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The kid was only 50 pounds at the time.
“It’s sort of like an angel-devil sort of thing,” the 5-foot-10, 220-pound ex-college running back told the newspaper. “[Rodrigo] looks like an angel, but then, all of a sudden, that halo turns into horns. It’s been a nightmare. It’s embarrassing. It’s humiliating.”
Webster plans on suing the city over his allegations.
Though, the little boy’s parents say Webster’s claims don’t make sense. “The lawsuit is totally absurd. How could my little boy do so much damage? My poor son,” Jorge Carpio, the boy’s dad, told The Post.
The boy’s mom added, “This is a terrible thing to say [about] a child.”
“To every mother, their child is an angel,” said Josefa Marcia da Silva, 33, of her son, now 4-foot-3 and 64 pounds. “I know that he has problems, but he doesn’t deserve to be called such names.”
The Post has more on this story:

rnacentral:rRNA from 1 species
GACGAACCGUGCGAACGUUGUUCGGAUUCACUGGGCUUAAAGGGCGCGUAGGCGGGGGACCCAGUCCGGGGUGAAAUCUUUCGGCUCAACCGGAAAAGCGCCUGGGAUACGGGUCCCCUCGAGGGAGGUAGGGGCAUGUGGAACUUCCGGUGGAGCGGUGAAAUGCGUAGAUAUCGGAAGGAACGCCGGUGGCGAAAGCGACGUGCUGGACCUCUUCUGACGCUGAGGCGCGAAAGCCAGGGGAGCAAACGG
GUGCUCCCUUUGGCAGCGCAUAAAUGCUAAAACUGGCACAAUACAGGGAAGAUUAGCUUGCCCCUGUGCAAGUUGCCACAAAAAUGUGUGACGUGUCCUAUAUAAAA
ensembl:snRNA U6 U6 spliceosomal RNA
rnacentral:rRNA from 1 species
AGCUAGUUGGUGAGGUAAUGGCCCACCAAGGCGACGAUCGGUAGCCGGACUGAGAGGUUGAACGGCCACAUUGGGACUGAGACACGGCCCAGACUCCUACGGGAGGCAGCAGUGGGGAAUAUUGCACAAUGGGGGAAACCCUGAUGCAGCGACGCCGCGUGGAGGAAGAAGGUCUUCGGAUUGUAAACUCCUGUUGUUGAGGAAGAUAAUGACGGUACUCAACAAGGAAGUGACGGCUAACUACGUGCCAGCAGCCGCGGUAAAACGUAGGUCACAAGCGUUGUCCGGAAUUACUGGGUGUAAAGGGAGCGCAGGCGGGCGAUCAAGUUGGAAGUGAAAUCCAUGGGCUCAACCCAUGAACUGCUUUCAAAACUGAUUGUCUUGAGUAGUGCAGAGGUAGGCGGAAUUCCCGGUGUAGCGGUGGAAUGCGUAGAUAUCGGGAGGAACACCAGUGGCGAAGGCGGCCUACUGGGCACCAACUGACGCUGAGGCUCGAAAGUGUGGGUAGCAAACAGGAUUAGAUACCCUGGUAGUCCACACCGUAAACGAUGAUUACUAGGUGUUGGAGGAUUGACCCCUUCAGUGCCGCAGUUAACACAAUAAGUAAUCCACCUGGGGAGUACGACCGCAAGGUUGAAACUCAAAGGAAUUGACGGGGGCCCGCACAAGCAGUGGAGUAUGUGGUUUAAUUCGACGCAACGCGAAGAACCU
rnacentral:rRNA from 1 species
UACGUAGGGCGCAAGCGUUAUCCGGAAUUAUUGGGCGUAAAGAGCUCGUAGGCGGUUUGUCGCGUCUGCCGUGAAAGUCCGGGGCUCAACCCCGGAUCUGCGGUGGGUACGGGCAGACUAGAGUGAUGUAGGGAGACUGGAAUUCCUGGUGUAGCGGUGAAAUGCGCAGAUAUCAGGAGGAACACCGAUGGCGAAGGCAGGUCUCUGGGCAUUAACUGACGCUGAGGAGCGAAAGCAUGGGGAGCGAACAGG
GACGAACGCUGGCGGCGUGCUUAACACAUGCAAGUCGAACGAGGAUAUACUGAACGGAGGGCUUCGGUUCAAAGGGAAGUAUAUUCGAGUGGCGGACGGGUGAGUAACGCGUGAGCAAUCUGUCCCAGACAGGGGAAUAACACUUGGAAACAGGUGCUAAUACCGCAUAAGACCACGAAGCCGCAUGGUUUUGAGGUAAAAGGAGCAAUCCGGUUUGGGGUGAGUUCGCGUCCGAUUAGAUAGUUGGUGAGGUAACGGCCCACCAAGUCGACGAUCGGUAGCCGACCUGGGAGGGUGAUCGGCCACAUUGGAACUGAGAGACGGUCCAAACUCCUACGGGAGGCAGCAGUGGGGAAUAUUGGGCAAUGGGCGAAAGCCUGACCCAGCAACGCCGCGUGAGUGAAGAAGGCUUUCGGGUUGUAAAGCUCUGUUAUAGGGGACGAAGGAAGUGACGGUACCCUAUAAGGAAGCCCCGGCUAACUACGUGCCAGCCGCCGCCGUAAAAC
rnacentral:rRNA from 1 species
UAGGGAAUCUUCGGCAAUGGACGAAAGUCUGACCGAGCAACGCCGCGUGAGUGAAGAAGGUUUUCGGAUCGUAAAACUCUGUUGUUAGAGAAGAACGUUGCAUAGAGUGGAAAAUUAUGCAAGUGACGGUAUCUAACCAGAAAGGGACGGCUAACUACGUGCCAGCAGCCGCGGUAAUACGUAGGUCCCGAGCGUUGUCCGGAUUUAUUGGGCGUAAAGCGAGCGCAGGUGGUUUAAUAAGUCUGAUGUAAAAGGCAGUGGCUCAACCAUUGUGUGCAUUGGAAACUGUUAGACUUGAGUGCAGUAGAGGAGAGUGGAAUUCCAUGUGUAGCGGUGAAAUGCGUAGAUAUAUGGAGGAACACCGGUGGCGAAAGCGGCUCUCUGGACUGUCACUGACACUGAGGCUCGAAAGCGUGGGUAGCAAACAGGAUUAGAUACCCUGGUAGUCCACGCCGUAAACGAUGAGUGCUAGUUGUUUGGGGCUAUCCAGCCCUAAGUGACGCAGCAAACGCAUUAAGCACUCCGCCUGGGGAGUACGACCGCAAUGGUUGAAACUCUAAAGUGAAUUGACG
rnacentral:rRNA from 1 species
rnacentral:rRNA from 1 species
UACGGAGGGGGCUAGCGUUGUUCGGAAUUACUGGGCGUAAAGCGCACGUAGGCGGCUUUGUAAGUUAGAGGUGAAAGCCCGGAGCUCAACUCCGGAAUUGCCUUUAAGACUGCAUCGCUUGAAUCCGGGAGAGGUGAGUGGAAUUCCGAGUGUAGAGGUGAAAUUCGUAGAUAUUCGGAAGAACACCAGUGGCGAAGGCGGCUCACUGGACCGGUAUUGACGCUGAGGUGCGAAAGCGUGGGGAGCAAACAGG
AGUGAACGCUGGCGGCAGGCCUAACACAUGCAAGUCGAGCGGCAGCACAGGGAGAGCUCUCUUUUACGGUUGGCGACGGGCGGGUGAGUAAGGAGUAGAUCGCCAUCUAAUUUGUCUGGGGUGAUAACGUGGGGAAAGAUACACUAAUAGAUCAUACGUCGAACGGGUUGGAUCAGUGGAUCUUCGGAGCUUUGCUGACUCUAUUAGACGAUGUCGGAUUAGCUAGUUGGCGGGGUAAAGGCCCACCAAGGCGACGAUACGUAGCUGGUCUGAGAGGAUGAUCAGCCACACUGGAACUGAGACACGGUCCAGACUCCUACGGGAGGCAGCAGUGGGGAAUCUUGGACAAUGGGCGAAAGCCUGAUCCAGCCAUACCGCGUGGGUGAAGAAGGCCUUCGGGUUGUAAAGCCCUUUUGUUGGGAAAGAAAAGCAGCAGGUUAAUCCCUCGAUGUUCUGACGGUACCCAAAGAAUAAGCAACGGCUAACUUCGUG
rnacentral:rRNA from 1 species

But Webster’s claims are backed up by an April 26 school “occurrence report” filed by the principal that says Rodrigo “was physically aggressive” and karate-kicked Webster in the knee and ankle that day.
Webster was accompanying Rodrigo and other students to the cafeteria for lunch when the boy started horseplaying, the teacher told The Post.
Webster said that he chided Rodrigo, but that the kid started kicking him.
“I tried to hold his wrists, and he began biting me,’’ Webster said. “I took him to the principal’s office, and he kicked me in the ankle, and one kick landed right on my knee. I felt a pop.’’
Rodrigo then kicked and pinched the acting principal and school safety officer, the occurrence report states.
NYPD responded but took no action. The boy’s parents refused to allow him to be taken to a hospital for observation.
Webster, who played tailback for upstate Morrisville State College, said his doctor told him he had to stay away from work for several months because of his physical and emotional state. But a Department of Education doctor told him to go back last month, so “I’m in limbo,’’ Webster said.
This story is truly interesting indeed. The boy’s mom says her son is taking medication to help him focus. “He is getting help, and he is much better now,” she told The Post.
Unfortunately, Webster isn’t. The Post contacted the school principal where the boy is enrolled and the DOE. Both declined to comment.